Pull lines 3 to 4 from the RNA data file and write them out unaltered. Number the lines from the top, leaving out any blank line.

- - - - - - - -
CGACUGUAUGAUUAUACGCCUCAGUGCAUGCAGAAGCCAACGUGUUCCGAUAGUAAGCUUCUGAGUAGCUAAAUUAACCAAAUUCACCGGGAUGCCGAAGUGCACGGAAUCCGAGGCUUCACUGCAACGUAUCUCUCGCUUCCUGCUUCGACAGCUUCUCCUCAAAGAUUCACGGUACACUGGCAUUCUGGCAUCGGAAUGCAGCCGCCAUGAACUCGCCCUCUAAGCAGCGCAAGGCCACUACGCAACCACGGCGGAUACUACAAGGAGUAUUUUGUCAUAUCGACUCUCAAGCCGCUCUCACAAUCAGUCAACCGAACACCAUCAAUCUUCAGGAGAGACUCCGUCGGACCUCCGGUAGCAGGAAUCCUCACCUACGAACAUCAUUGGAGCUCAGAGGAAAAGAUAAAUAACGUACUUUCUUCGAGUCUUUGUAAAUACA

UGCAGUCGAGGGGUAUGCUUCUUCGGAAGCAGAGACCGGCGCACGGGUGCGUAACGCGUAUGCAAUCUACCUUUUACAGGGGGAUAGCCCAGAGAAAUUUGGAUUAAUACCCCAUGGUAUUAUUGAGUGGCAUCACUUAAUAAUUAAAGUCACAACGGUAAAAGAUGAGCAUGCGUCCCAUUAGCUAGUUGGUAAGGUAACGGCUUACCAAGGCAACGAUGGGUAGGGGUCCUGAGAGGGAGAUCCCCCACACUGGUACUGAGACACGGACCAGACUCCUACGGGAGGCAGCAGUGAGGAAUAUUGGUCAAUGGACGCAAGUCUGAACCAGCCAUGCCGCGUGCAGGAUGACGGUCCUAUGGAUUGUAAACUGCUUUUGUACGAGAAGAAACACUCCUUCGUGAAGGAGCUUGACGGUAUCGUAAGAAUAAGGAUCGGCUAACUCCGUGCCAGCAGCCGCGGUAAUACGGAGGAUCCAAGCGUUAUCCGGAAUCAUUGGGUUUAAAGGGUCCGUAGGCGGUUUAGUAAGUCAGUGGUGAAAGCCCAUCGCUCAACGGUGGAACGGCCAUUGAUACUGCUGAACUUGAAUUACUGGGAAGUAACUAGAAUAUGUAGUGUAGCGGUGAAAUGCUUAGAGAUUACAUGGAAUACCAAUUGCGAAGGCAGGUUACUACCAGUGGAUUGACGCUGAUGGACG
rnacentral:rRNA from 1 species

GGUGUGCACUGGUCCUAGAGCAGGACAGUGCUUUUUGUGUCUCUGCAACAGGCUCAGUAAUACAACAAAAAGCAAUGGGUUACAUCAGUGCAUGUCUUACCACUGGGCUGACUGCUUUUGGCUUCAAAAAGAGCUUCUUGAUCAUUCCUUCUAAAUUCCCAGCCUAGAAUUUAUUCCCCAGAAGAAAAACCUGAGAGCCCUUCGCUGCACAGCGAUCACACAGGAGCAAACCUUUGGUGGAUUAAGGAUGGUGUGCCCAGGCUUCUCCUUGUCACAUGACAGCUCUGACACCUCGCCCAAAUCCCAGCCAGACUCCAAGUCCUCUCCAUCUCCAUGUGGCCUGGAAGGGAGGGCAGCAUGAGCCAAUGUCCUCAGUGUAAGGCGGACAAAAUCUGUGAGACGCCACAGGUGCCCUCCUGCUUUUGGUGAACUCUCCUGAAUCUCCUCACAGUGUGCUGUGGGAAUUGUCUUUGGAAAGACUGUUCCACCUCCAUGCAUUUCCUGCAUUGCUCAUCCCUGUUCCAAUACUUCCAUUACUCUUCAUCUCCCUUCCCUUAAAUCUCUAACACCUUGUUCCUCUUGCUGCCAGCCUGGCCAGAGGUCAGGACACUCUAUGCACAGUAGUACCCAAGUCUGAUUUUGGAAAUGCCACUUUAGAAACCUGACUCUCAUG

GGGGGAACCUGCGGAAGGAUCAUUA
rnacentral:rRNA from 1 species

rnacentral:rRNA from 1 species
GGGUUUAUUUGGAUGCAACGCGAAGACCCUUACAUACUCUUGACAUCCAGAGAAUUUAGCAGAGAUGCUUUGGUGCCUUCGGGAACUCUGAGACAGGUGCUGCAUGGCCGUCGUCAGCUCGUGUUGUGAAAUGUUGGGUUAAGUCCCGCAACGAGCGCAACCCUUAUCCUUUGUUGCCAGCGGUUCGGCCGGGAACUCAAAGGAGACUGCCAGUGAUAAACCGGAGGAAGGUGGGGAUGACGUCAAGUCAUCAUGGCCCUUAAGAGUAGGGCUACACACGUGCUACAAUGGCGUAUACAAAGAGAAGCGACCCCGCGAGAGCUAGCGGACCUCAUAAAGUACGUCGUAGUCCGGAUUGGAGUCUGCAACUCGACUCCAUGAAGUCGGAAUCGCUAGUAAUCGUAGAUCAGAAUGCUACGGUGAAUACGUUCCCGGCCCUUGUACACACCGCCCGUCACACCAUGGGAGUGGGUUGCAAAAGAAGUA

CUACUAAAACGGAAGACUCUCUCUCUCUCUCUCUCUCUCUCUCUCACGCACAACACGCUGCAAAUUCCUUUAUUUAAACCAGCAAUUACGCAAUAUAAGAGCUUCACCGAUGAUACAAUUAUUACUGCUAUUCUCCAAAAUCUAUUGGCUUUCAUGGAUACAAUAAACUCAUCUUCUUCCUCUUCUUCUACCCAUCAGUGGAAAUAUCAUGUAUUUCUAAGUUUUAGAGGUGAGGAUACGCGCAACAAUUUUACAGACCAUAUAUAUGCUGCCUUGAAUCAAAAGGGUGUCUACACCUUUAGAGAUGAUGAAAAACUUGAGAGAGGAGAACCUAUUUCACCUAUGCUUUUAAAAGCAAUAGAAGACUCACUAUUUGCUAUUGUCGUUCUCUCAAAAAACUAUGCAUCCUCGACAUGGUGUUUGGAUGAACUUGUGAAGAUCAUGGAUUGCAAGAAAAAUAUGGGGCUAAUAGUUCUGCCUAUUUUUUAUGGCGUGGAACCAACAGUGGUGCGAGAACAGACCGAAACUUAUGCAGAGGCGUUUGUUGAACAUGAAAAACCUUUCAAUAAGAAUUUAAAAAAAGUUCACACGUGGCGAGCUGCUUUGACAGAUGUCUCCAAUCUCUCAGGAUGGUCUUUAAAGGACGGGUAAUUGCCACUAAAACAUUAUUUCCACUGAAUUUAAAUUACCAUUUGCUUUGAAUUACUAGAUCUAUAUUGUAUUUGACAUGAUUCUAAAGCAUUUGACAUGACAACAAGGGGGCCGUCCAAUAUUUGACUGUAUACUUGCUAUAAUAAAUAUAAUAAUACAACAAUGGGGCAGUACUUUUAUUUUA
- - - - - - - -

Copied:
rnacentral:rRNA from 1 species

GGUGUGCACUGGUCCUAGAGCAGGACAGUGCUUUUUGUGUCUCUGCAACAGGCUCAGUAAUACAACAAAAAGCAAUGGGUUACAUCAGUGCAUGUCUUACCACUGGGCUGACUGCUUUUGGCUUCAAAAAGAGCUUCUUGAUCAUUCCUUCUAAAUUCCCAGCCUAGAAUUUAUUCCCCAGAAGAAAAACCUGAGAGCCCUUCGCUGCACAGCGAUCACACAGGAGCAAACCUUUGGUGGAUUAAGGAUGGUGUGCCCAGGCUUCUCCUUGUCACAUGACAGCUCUGACACCUCGCCCAAAUCCCAGCCAGACUCCAAGUCCUCUCCAUCUCCAUGUGGCCUGGAAGGGAGGGCAGCAUGAGCCAAUGUCCUCAGUGUAAGGCGGACAAAAUCUGUGAGACGCCACAGGUGCCCUCCUGCUUUUGGUGAACUCUCCUGAAUCUCCUCACAGUGUGCUGUGGGAAUUGUCUUUGGAAAGACUGUUCCACCUCCAUGCAUUUCCUGCAUUGCUCAUCCCUGUUCCAAUACUUCCAUUACUCUUCAUCUCCCUUCCCUUAAAUCUCUAACACCUUGUUCCUCUUGCUGCCAGCCUGGCCAGAGGUCAGGACACUCUAUGCACAGUAGUACCCAAGUCUGAUUUUGGAAAUGCCACUUUAGAAACCUGACUCUCAUG